The next main contributor to the normalization of sexual violence is the fashion in which people seem to deal with or react to it. I’ve been a part in several conversations in which someone has reported sexual violence. I’ve heard a number of responses that sympathize with the experience, but it unintentionally implies that it is just a normal part of life.
“Yeah, that’s happened to me a bunch of times.”
“I know a lot of people that have gone through that too.”
The general gist of many people’s responses is that it is a normal experience for teenage girls.
According to Statistics Canada, about half of assaults reported ends in a charge being laid, only half of those cases even make it to court. After they’ve made it to court again only have led to conviction. In the end only 12% or reports lead to conviction and 7% lead to a custody sentence. Most of the time sexual assault victims are just forced to move on with their lives. This could then lead to mental illnesses, primarily anxiety, PTSD or depression, wariness or reluctance of trust in the justice system, untreated, severe trauma or distress from sexual violence can often lead to suicide. Continuing to not distribute justice for sexual assault further normalizes the issue as then assaulters won’t feel the threat of prosecution.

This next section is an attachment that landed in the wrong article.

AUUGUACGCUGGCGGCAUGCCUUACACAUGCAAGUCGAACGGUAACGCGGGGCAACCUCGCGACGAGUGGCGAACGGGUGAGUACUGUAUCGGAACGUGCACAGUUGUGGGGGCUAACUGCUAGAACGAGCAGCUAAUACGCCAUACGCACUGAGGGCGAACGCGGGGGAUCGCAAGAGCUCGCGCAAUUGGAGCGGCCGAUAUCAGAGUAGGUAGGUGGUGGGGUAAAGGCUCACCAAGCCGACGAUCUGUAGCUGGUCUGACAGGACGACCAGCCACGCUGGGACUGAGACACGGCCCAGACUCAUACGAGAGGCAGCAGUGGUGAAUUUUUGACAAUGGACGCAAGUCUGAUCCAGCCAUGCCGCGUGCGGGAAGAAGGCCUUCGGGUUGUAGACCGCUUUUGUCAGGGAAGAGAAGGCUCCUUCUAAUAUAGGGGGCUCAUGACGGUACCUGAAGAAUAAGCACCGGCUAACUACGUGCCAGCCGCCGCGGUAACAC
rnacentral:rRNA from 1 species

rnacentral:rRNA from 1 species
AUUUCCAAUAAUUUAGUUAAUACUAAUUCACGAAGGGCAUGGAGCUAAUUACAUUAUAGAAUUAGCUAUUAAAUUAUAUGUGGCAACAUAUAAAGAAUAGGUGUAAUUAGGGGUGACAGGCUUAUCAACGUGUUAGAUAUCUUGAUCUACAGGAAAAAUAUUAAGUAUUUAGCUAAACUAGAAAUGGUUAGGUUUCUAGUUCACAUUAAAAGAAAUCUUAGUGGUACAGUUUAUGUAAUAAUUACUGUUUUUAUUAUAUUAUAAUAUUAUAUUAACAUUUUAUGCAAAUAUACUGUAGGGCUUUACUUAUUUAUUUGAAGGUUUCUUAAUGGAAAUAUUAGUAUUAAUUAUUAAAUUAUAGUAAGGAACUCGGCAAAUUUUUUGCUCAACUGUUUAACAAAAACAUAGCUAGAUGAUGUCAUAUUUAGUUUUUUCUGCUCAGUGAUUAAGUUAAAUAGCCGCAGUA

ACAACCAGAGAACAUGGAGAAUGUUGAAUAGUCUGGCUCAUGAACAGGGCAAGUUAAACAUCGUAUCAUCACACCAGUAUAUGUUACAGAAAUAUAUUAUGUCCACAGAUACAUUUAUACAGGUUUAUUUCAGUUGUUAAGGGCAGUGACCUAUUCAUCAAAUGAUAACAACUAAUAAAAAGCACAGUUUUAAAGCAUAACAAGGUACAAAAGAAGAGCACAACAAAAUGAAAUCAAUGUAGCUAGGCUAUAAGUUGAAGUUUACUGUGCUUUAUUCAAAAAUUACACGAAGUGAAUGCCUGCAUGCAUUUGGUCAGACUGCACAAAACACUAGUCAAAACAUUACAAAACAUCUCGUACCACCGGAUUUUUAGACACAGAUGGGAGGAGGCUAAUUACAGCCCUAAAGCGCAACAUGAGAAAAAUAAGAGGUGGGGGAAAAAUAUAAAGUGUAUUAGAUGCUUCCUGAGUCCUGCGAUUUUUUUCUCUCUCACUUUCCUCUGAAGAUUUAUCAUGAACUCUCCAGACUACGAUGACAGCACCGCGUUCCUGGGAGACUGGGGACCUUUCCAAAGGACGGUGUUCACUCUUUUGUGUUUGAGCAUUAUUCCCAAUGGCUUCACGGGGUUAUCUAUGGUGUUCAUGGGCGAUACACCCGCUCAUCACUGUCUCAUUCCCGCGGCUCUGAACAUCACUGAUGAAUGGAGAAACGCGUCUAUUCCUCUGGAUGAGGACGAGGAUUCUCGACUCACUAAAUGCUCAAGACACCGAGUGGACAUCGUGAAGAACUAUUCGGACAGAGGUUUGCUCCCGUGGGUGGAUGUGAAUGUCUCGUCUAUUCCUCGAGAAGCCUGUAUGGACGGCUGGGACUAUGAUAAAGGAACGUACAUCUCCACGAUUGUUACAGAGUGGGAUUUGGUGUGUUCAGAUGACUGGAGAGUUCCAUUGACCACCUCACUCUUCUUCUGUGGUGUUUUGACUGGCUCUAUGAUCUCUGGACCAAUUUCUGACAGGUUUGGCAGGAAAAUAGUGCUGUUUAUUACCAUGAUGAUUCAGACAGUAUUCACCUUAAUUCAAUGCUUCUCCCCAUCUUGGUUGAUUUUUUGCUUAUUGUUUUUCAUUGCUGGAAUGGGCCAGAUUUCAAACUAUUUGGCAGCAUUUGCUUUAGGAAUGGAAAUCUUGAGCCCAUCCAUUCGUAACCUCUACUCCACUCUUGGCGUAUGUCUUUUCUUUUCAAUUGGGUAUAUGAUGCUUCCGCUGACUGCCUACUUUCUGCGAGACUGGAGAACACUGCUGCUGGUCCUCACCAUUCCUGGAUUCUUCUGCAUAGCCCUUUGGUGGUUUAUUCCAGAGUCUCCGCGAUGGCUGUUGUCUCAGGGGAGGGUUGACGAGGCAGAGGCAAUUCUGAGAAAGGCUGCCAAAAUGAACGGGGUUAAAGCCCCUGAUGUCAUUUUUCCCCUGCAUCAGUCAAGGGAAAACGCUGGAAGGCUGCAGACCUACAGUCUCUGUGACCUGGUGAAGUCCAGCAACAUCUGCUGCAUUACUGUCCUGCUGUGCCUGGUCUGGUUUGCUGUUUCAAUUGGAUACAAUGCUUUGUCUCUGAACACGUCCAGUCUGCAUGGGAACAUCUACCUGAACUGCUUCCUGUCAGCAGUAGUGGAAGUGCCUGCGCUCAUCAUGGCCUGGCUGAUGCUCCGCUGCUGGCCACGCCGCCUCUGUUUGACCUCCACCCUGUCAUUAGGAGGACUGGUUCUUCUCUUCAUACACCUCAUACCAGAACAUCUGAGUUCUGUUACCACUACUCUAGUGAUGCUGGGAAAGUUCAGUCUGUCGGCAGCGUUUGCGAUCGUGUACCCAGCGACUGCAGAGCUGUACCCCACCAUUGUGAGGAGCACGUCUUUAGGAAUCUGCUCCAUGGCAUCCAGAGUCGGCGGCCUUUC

As a victim of sexual assault, I can’t even begin to describe how helpless and powerless it makes you feel, it feels like someone has ripped away your sense of self and leaves you feeling small. If a person has never been sexually assaulted and they take it upon themselves to try and justify it, saying something like, “Oh my gosh I can’t believe she would wear something like that, isn’t she ashamed?” ”They only ____’d you, that doesn’t count” or “How could they assault you, you guys are dating, doing that is normal,” that person is part of the problem.
It’s the people who are contributing to the issue and don’t even know it that can be the most harmful. Next time you’re part of a discussion about sexual assault, take a second to really listen and read in between the lines, you may be surprised what you learn.